The faces of strength

Photographer CP Satyajit captures the physical power that comes with a labour-intensive way of life

Updated - February 24, 2019 02:17 pm IST

Published - January 28, 2019 05:27 pm IST

At the rim of a well, stands a woman, heaving and pulling a heavy metal bucket brimming with water. Her rippling arm muscles, reveals how habituated she is to the act. As she heaves the bucket upward, balancing on the rim as she does, her body shows signs of strength and perseverance. On the other hand, in a picturesque background laden with small snow-white heaps of salt, is an elderly man sporting an infectious smile and a natural six-pack, equipped with an oar-like sieve used to extract salt from the fields. ‘Heavenly Bodies’ they are called, and understandably so, by CP Satyajit, the man behind this photo diary which looks at bodies accustomed to long hours of labour and the strength that comes with it. For him, documenting these people means, redefining beauty as perceived by many, through raw and natural frames devoid of artificial compositions.

Story of a well-cut body

Satyajit recalls the 65-year-old coconut tree climber, with a lean body cut with muscles, who had happened to come to his house once, and sowed the first seed of this project in his mind. “He doesn’t go to the gym or follow a protein-diet, but he is healthy and fit because of what he does. I had been observing these professions, and thought why not document them?,” says the photographer, who has long wished to break away from the advertising mould, which revolved around styling and composition.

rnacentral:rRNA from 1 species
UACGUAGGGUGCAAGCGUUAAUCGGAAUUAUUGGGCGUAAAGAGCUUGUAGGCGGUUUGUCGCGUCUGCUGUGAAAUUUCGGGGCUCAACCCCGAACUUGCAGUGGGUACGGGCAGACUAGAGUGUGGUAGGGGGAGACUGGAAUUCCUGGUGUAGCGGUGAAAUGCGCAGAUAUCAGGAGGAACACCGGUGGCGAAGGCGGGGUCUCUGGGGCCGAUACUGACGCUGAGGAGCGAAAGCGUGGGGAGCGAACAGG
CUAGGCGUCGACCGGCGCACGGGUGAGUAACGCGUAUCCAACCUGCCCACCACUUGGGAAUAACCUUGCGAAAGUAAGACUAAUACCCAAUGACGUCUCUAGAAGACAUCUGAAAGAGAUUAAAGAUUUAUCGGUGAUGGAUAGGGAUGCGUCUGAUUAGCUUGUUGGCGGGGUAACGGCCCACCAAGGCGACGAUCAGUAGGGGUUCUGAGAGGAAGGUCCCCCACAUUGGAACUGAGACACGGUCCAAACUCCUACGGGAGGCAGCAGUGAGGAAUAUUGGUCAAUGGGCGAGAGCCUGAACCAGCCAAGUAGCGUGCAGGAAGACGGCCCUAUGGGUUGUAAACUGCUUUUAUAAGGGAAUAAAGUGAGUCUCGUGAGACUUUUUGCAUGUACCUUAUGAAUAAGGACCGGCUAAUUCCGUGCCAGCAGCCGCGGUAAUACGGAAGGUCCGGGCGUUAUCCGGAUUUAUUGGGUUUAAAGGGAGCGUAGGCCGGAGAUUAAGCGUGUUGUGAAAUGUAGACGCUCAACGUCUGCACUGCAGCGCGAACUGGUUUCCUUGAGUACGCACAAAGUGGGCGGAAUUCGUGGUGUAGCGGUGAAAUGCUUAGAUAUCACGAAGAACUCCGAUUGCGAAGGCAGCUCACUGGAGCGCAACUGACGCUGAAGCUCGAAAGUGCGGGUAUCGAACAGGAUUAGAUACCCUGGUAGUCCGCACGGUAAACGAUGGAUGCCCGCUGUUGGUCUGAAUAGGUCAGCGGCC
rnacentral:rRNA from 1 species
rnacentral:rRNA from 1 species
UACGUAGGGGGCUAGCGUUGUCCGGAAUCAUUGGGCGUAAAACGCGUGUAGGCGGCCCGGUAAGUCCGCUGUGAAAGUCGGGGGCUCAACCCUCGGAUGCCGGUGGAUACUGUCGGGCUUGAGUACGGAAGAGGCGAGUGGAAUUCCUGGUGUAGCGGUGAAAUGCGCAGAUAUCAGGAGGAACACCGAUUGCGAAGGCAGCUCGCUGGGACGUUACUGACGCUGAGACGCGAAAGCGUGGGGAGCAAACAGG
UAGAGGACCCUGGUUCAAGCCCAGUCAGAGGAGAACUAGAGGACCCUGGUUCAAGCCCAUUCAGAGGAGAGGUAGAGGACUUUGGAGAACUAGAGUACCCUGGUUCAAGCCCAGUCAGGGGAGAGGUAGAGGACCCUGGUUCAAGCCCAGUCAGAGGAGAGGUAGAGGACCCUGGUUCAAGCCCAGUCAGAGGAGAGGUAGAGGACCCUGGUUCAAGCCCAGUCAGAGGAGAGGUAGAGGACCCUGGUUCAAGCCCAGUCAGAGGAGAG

A failed attempt with studio portraits made Satyajit realise that the environment is what makes the subjects who they are. “I was not trying to dramatise the image, I was simply trying to document it,” he continues. The first leg of the shoot was done in a location very close to the city, with fisherfolk. But as Satyajit moved further away from the city, in search of his subjects, a renewed sense of rawness uncorrupted by urban humdrum hit him. “The minute people are away from the rush of the city, they seem to have a lot more time. They are less distracted and more patient. Whereas here, people are always looking for what to do next,” he observes.

The process of the shoot itself proved refreshing for the photographer who earlier photographed automobiles. Ideally, in an advertising setup, a photographer is expected to communicate with his subject to arrive at the perfect moment. But this belief did not hold true for this project, he says.

“A lot of times, I would not direct them. I would only suggest a spot,” he says, adding that he would deliberately refrain from manipulating their body language. “After a point, they are almost bored by the camera. And, they start doing their own things to beat the boredom. That is when I feel the need to click,” says the artist.

He tried to keep himself and his camera invisible, to have as little effect on his subjects’ environment as possible. “It draws inspiration from a movie like Forrest Gump , where the technology is invisible and used contextually, without overpowering the content,” Satyajit says.

The travails

While on the way to shoot people who make jaggery in a cottage industry, Satyajit and his team were stopped by an old lady with a stick her hand, firmly demanding that they leave. She was the gatekeeper of the place and had mistaken them to be the ‘press’. “Apparently, a couple of days before that, they had a raid to find out if sugar is being mixed with the jaggery. Not that this place did, but they didn’t want any press,” he recalls.

There are also plenty of real stories that speak of the shift in the rural paradigm. “For instance, the younger generation does not want to do farming like their ancestors because they believe that it doesn’t earn them any respect. The elders rue this fact,” continues the photographer. “I spoke to the younger generation, and started asking them why they think so.” But over a few months, he says, he realised that he comes from a place of privilege and can’t question their wants.

Heavenly Bodies exhibition is underway at The Gallery, InKo Centre, RA Puram till January 30.

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